But what did I know? In those days, I still had dried cow manure on my boots. Come to think of it, I wish still did.

    • “But what did I know? In those days, I still had dried cow manure on my boots. Come to think of it, I wish still did.”

      some days, me too Democritus.

  4. “The Air Force was generally regarded as the safest service in which to serve. Anyone but a pilot could be pretty certain that he would not come under direct enemy first.”

    My father was a navigator on 10 man B17 in WWII. He was enlisted after Pearl, stayed on for years, highly decorated, became a Lt Col. 75 missions, his highest medal for foreseeing Mess ambush while flying to bomb target of heavily defended munitions factory deep in germany–through his calculations by stars and other measures, he detoured the entire contingent of 29 planes of ten men each to avoid the ambush.

    They flew on into the night to target, the german bombers taking 9 b17s down, 20 returned home. 90 usaf men lost in one night. 200 young souls alive.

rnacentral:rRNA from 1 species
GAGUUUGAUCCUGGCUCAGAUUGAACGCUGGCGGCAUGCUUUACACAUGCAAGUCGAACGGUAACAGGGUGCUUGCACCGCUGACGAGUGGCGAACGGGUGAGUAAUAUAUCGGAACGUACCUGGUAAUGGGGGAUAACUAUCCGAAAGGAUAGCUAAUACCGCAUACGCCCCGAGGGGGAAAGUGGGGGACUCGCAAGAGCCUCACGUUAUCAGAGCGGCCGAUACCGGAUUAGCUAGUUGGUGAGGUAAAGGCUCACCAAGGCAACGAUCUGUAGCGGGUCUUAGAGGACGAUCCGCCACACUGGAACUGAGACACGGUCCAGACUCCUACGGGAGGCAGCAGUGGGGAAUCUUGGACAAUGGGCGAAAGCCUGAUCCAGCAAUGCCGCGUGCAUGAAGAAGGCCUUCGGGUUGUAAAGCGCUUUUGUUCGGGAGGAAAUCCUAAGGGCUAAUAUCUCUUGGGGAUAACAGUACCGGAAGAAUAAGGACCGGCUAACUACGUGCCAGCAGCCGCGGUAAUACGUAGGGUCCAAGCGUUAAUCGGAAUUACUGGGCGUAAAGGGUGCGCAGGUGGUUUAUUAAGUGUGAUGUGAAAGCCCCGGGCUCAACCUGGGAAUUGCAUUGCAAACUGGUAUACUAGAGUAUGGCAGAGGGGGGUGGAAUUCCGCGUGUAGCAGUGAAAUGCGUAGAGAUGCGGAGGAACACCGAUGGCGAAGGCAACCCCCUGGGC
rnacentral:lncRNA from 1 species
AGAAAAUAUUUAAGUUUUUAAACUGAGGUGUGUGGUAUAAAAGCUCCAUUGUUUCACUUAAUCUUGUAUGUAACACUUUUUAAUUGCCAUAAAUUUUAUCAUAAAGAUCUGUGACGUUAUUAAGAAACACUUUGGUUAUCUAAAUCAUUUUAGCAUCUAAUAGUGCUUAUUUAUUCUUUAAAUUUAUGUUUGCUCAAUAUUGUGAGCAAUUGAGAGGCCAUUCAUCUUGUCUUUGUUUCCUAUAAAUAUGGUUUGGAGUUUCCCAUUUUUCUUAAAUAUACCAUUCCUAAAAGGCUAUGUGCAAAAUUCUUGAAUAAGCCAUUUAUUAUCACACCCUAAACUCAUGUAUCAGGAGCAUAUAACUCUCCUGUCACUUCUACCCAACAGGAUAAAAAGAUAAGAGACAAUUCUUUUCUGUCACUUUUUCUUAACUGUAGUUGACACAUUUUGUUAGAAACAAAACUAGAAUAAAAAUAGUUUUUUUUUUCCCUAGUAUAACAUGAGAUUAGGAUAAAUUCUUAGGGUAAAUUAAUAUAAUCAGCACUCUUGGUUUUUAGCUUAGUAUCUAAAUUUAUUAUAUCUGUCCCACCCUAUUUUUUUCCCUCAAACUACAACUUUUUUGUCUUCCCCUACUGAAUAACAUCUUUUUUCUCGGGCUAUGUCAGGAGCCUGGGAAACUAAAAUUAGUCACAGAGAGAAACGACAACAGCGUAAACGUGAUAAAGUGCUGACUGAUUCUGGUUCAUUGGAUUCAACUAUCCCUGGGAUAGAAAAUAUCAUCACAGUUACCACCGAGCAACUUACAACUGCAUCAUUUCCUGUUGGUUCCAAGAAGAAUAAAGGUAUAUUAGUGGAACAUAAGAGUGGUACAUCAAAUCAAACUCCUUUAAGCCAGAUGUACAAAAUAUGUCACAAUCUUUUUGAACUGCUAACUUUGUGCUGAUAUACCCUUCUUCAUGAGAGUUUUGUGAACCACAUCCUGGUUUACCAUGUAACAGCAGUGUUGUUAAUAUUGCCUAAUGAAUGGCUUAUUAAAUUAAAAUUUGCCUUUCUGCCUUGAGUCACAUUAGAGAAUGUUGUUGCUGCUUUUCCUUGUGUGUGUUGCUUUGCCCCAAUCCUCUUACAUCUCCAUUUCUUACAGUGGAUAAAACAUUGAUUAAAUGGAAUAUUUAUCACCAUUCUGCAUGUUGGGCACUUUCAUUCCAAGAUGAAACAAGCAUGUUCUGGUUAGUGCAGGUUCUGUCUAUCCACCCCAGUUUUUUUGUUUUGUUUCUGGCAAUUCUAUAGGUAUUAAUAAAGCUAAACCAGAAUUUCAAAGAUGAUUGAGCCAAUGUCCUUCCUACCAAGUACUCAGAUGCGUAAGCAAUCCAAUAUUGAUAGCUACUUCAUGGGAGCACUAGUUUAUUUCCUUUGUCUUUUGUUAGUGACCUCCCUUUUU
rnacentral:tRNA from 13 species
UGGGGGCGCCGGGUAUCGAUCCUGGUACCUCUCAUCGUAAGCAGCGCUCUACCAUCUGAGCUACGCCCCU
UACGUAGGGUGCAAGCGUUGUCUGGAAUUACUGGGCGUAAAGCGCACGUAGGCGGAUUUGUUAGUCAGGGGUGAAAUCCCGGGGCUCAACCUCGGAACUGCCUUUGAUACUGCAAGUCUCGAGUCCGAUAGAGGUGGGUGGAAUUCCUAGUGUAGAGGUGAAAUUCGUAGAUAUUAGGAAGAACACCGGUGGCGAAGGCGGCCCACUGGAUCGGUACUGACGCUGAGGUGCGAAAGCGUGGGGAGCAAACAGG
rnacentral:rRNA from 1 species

There is no safety in flying in war, not from under, or above, behind or head on. Nor is any flying crew safe from ground to air fire.

    As for Nam, my brothers and cousins all served, enlisted, many ‘tours’. They chose to be marines, usaf. Some few chose which arm of the military, that is where the ‘choices’ ended. Those drafted from the lottery were sent into direct line of fire. Not everyone could come home.

    My dearest cousin lost half his squadron one night. He is home, but has never come home. We are all in our seventies now.

    The old song about senators’ sons, the sons of the wealthy, those who were married like Romney and had suddenly a bunch of kids, those who were in college were deferred. Nam was an indecent war wherein again, people in charge lied, and took the most vulnerable of our population, the poor, to the draft.

    There is so much to say to make the record accurate, but then we’d be here for weeks and years. Re ‘volunteer army’ for afghanistan and iraq and etc.

    Bush called up the reserves, the best of the young; they were so often young mothers and fathers who joined the reserves only for a second income to help support their family. They never dreamed in a thousand years that again, those atop would deceive. But, they took the oath, and they went. Many did not come back.